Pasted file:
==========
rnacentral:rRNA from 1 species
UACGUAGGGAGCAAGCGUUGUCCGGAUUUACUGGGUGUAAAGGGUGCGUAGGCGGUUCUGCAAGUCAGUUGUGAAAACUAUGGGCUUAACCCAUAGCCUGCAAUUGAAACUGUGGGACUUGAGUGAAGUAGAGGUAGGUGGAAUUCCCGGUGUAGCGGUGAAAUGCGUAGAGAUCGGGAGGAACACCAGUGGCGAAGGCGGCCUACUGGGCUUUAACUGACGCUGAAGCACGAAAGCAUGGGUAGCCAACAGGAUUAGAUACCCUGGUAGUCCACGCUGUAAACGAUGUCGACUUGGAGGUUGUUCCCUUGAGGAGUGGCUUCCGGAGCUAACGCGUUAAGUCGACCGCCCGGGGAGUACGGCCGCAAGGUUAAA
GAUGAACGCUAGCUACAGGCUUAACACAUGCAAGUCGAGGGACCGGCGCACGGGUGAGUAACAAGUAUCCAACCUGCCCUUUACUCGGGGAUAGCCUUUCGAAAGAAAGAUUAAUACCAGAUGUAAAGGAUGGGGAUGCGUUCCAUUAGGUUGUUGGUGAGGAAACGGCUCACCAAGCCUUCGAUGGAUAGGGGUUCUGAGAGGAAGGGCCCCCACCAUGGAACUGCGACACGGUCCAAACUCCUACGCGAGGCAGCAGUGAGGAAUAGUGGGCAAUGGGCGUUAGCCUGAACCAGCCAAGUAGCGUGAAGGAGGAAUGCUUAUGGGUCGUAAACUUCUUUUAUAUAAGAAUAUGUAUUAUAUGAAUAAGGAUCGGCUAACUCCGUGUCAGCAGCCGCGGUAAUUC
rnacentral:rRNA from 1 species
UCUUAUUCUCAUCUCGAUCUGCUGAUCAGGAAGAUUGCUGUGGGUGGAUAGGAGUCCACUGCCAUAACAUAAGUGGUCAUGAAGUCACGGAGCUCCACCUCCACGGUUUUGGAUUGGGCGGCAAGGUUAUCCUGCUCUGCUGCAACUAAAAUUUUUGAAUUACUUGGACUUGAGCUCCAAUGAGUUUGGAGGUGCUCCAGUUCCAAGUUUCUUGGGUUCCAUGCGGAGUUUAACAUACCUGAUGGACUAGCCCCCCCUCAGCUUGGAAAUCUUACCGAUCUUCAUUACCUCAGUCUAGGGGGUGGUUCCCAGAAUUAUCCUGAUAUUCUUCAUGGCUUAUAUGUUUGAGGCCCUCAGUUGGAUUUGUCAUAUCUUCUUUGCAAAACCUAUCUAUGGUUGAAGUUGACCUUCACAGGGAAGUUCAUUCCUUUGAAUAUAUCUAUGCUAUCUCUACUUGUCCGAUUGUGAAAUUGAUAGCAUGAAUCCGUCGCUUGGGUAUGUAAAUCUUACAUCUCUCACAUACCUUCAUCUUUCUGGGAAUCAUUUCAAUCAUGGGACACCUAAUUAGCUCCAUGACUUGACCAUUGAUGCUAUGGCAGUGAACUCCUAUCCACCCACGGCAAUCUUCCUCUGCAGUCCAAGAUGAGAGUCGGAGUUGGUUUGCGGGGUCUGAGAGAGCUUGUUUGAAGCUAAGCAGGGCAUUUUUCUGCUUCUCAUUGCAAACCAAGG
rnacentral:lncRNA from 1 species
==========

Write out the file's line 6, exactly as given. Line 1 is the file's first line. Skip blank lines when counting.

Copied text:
rnacentral:lncRNA from 1 species